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Harry Newton's In Search of The Perfect Investment Technology Investor.

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9:00 AM EST, Wednesday, November 12, 2008: My friend sent a note to his kids. "The economy is in toilet. Your father is earning less. We need to learn the difference between a want and a need. If you need it, buy it. If you want it, don't."

His gorgeous daughter replied, "What about my beauty treatments?"


Cowed, he emailed, "Clearly, they're a need."

How bad is the economy? Quipped comedian Bill Maher, "The only thing keeping the economy from total collapse is Sarah Palin's shopping sprees."

Best Buy this morning dropped its estimated 2009 profit range sharply lower, citing 'uncertainty' in consumer spending. Pick a retailer (except Wal-Mart). They're all going to do worse. Stay away from beauty treatment providers. Todd's daughters will keep them booming.

Yesterday's favorite short was Google. It fell $11.18 yesterday. It's going lower, as companies advertise less. Today's favorite short is Barnes & Noble (BKS). Books aren't necessary. You can read everything you want -- and more -- on the Internet. BKS is going lower. Ditto for Coach (COH).

How fast do things move? Oil fell below $60 yesterday for the first time since March 2007. Oil is now down 59% from its peak of $145 earlier this year. This is an amazing chart:

Prices don't change this fast in the real world. Except that they now do.

Surprise. Surprise. The $700 billion TARP (Trouble Asset Relief Program) won't be enough. It will have to be increased to meet the "phenomenal" demand for government bailouts, according to Deutsche Bank's Jim Reid.

Heck, what did you expect? Goldman Sachs became a bank. It wants money. American Express is about to become one. It wants money. GM, Ford and Chrysler want money. ... The easiest way to "make" money in today's world is to beg Washington for a handout. You need a hangdog expression and a high number for all the people who'll lose their jobs if you don't get the money. I'm very familiar with the process. For years I wondered why our phone companies never innovated. Simple. They simply begged the local regulatory agencies for rate increases. Same process.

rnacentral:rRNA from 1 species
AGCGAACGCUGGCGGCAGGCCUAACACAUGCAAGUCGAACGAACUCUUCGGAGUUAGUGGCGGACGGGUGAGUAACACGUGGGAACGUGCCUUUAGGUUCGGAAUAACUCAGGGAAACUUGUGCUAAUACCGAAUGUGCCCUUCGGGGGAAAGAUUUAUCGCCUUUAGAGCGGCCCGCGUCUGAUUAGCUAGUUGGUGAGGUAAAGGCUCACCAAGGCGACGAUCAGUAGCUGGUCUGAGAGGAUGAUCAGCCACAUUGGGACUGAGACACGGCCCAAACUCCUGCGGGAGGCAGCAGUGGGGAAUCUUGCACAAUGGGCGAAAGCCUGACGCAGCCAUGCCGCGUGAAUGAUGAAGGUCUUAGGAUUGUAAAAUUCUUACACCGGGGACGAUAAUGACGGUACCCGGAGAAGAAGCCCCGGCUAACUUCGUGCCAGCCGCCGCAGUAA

Timely New Yorker cartoon:

Muni Bonds. Yesterday I wrote: New York State and New York City will shortly increase their income tax rates. It won't be popular but they have no choice. Many states and cities which levy income tax will follow. The investment implications of this are ultra clear: Buy muni bonds, which are triple tax-free -- free of federal, state and city taxes.

Today, longer-term muni bonds are yielding over 5%. Which is extraordinary. That is equivalent to earning over 8% pre-tax. That rate will "rise" as local state and city income taxes rise. You cannot get muni bond safety and this high return anywhere else. Trust me.

The theory among my New Yorker friends (yes, I have a few) is that you ought to own sufficient muni bonds such that the interest from them will pay for your life.

Giving pussywhipped a whole new meaning.
When everyone on earth was dead and waiting to enter Paradise, God appeared and said, 'I want the men to make two lines. One line for the men who were true heads of their household, and the other line for the men who were dominated by their women. 'I want all the women to report to St. Peter."

Soon, the women were gone and there were two lines of men.

The line of the men who were dominated by their wives was 100 miles long. There was only one man in the line of men who truly were heads of their household.

God said, 'You men should be ashamed of yourselves, I created you to be the head of your household. 'You have been disobedient and have not fulfilled your purpose!

'Of all of you, only one obeyed. Learn from him.'

God turned to the one man, 'How did you manage to be the only one in this line?'

The man replied, 'My wife told me to stand here.'

Trouble with this site: The idiots at my web hoster, called, are messing with this site. I'm about to switch web hosters. If you can't get on the site, please email me .

This column is about my personal search for the perfect investment. I don't give investment advice. For that you have to be registered with regulatory authorities, which I am not. I am a reporter and an investor. I make my daily column -- Monday through Friday -- freely available for three reasons: Writing is good for sorting things out in my brain. Second, the column is research for a book I'm writing called "In Search of the Perfect Investment." Third, I encourage my readers to send me their ideas, concerns and experiences. That way we can all learn together. My email address is . You can't click on my email address. You have to re-type it . This protects me from software scanning the Internet for email addresses to spam. I have no role in choosing the Google ads on this site. Thus I cannot endorse, though some look interesting. If you click on a link, Google may send me money. Please note I'm not suggesting you do. That money, if there is any, may help pay Michael's business school tuition. Read more about Google AdSense, click here and here.